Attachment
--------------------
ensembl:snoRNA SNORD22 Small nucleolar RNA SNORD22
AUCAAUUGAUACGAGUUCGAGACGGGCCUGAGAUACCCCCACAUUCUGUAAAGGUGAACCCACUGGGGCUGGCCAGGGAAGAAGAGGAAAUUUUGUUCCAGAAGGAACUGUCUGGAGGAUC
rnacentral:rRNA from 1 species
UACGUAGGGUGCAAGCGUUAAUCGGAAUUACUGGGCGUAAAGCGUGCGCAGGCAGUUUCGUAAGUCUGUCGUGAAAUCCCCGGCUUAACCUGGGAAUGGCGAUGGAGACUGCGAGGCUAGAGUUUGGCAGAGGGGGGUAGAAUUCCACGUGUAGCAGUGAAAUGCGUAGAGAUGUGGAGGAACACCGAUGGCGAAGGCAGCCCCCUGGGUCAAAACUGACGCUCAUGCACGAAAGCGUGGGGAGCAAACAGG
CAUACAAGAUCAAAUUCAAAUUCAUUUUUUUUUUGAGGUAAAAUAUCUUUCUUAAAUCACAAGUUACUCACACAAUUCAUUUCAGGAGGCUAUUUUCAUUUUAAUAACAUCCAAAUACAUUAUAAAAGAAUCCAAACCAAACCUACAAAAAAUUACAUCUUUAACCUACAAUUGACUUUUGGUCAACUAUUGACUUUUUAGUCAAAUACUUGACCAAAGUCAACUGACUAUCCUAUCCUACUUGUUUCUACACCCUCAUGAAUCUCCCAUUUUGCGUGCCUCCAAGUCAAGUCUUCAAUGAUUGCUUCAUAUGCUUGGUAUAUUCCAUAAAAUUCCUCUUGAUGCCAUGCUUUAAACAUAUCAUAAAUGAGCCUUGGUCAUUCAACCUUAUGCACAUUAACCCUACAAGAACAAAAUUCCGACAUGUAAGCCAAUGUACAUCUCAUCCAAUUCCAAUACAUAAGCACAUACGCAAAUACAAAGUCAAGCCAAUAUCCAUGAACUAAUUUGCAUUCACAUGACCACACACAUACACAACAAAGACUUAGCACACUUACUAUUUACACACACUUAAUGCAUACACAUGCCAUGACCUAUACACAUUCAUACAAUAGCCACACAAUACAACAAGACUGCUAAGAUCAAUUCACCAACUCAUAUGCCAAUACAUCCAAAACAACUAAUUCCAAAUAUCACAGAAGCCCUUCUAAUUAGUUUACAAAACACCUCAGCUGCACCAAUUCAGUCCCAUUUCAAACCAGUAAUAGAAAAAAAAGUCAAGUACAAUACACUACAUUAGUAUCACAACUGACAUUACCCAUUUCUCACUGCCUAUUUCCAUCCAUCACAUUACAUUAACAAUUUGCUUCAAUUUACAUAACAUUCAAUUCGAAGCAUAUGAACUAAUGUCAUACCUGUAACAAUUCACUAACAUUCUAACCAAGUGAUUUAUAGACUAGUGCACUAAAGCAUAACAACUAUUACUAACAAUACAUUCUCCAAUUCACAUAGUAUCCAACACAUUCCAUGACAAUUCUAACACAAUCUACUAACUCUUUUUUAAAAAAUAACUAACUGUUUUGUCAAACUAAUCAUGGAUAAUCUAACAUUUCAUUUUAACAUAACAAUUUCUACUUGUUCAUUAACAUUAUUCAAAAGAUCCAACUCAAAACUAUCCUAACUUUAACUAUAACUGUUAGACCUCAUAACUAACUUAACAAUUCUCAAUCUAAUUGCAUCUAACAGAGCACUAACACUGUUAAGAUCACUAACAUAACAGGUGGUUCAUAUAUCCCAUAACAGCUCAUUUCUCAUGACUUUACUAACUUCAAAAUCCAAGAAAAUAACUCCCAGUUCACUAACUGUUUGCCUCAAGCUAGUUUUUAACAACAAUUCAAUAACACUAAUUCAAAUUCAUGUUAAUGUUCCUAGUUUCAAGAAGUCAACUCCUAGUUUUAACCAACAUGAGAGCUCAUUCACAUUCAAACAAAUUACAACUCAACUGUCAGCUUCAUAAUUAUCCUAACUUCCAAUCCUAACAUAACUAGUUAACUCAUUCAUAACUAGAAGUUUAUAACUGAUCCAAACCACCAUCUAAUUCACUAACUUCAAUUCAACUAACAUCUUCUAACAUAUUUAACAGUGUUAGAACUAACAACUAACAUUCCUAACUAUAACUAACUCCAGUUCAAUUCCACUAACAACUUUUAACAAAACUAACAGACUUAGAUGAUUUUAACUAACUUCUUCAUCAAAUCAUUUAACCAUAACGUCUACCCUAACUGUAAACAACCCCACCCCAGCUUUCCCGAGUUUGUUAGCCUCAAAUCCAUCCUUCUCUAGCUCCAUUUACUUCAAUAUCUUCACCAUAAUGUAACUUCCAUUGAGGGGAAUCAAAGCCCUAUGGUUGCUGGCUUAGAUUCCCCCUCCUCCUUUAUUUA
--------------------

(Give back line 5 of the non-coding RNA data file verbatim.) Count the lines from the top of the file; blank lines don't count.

CAUACAAGAUCAAAUUCAAAUUCAUUUUUUUUUUGAGGUAAAAUAUCUUUCUUAAAUCACAAGUUACUCACACAAUUCAUUUCAGGAGGCUAUUUUCAUUUUAAUAACAUCCAAAUACAUUAUAAAAGAAUCCAAACCAAACCUACAAAAAAUUACAUCUUUAACCUACAAUUGACUUUUGGUCAACUAUUGACUUUUUAGUCAAAUACUUGACCAAAGUCAACUGACUAUCCUAUCCUACUUGUUUCUACACCCUCAUGAAUCUCCCAUUUUGCGUGCCUCCAAGUCAAGUCUUCAAUGAUUGCUUCAUAUGCUUGGUAUAUUCCAUAAAAUUCCUCUUGAUGCCAUGCUUUAAACAUAUCAUAAAUGAGCCUUGGUCAUUCAACCUUAUGCACAUUAACCCUACAAGAACAAAAUUCCGACAUGUAAGCCAAUGUACAUCUCAUCCAAUUCCAAUACAUAAGCACAUACGCAAAUACAAAGUCAAGCCAAUAUCCAUGAACUAAUUUGCAUUCACAUGACCACACACAUACACAACAAAGACUUAGCACACUUACUAUUUACACACACUUAAUGCAUACACAUGCCAUGACCUAUACACAUUCAUACAAUAGCCACACAAUACAACAAGACUGCUAAGAUCAAUUCACCAACUCAUAUGCCAAUACAUCCAAAACAACUAAUUCCAAAUAUCACAGAAGCCCUUCUAAUUAGUUUACAAAACACCUCAGCUGCACCAAUUCAGUCCCAUUUCAAACCAGUAAUAGAAAAAAAAGUCAAGUACAAUACACUACAUUAGUAUCACAACUGACAUUACCCAUUUCUCACUGCCUAUUUCCAUCCAUCACAUUACAUUAACAAUUUGCUUCAAUUUACAUAACAUUCAAUUCGAAGCAUAUGAACUAAUGUCAUACCUGUAACAAUUCACUAACAUUCUAACCAAGUGAUUUAUAGACUAGUGCACUAAAGCAUAACAACUAUUACUAACAAUACAUUCUCCAAUUCACAUAGUAUCCAACACAUUCCAUGACAAUUCUAACACAAUCUACUAACUCUUUUUUAAAAAAUAACUAACUGUUUUGUCAAACUAAUCAUGGAUAAUCUAACAUUUCAUUUUAACAUAACAAUUUCUACUUGUUCAUUAACAUUAUUCAAAAGAUCCAACUCAAAACUAUCCUAACUUUAACUAUAACUGUUAGACCUCAUAACUAACUUAACAAUUCUCAAUCUAAUUGCAUCUAACAGAGCACUAACACUGUUAAGAUCACUAACAUAACAGGUGGUUCAUAUAUCCCAUAACAGCUCAUUUCUCAUGACUUUACUAACUUCAAAAUCCAAGAAAAUAACUCCCAGUUCACUAACUGUUUGCCUCAAGCUAGUUUUUAACAACAAUUCAAUAACACUAAUUCAAAUUCAUGUUAAUGUUCCUAGUUUCAAGAAGUCAACUCCUAGUUUUAACCAACAUGAGAGCUCAUUCACAUUCAAACAAAUUACAACUCAACUGUCAGCUUCAUAAUUAUCCUAACUUCCAAUCCUAACAUAACUAGUUAACUCAUUCAUAACUAGAAGUUUAUAACUGAUCCAAACCACCAUCUAAUUCACUAACUUCAAUUCAACUAACAUCUUCUAACAUAUUUAACAGUGUUAGAACUAACAACUAACAUUCCUAACUAUAACUAACUCCAGUUCAAUUCCACUAACAACUUUUAACAAAACUAACAGACUUAGAUGAUUUUAACUAACUUCUUCAUCAAAUCAUUUAACCAUAACGUCUACCCUAACUGUAAACAACCCCACCCCAGCUUUCCCGAGUUUGUUAGCCUCAAAUCCAUCCUUCUCUAGCUCCAUUUACUUCAAUAUCUUCACCAUAAUGUAACUUCCAUUGAGGGGAAUCAAAGCCCUAUGGUUGCUGGCUUAGAUUCCCCCUCCUCCUUUAUUUA